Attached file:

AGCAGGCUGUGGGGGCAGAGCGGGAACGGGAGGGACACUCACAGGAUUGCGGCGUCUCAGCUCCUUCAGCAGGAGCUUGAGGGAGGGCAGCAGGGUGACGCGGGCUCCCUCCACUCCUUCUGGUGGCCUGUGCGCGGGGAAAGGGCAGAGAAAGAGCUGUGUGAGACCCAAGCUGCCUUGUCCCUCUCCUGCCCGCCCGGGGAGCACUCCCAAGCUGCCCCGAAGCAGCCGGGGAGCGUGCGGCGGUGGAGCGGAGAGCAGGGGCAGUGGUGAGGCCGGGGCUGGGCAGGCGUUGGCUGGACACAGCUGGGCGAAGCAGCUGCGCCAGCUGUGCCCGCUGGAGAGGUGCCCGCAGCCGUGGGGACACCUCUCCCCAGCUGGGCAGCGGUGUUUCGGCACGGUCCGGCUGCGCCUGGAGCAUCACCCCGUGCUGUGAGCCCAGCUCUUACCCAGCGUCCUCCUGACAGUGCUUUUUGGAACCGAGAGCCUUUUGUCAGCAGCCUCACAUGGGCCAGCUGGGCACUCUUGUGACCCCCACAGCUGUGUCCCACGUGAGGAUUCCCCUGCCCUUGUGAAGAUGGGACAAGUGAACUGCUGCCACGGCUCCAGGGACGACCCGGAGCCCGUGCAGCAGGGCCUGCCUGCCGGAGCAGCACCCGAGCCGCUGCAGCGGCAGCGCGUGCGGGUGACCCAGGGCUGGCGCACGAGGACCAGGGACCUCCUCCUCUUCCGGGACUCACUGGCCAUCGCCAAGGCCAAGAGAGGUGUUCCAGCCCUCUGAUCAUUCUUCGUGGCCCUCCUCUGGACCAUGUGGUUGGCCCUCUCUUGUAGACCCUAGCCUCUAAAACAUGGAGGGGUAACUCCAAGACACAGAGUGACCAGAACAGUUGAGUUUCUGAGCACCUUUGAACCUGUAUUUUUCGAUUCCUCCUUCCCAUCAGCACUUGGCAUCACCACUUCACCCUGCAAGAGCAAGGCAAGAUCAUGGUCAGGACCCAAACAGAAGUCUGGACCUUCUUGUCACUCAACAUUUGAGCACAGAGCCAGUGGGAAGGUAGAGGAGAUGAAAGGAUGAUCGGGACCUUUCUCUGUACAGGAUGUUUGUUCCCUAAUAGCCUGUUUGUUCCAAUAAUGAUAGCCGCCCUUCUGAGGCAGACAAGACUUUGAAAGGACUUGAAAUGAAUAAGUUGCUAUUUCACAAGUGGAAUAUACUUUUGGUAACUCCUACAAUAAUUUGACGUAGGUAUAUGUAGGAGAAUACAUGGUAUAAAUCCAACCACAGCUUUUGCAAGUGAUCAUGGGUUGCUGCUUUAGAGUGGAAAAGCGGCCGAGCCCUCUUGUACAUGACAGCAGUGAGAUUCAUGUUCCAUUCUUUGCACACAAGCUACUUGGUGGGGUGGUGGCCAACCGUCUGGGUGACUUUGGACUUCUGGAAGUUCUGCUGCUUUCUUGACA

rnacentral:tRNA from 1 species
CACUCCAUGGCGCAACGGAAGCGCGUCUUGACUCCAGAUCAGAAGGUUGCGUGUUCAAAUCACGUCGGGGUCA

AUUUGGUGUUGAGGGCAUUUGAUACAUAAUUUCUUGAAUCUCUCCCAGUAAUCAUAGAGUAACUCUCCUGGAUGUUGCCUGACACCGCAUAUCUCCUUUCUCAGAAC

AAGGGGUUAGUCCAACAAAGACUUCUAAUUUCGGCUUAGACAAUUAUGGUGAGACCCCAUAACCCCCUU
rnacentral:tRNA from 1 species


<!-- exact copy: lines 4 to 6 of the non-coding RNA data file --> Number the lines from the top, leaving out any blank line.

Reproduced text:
AUUUGGUGUUGAGGGCAUUUGAUACAUAAUUUCUUGAAUCUCUCCCAGUAAUCAUAGAGUAACUCUCCUGGAUGUUGCCUGACACCGCAUAUCUCCUUUCUCAGAAC

AAGGGGUUAGUCCAACAAAGACUUCUAAUUUCGGCUUAGACAAUUAUGGUGAGACCCCAUAACCCCCUU
rnacentral:tRNA from 1 species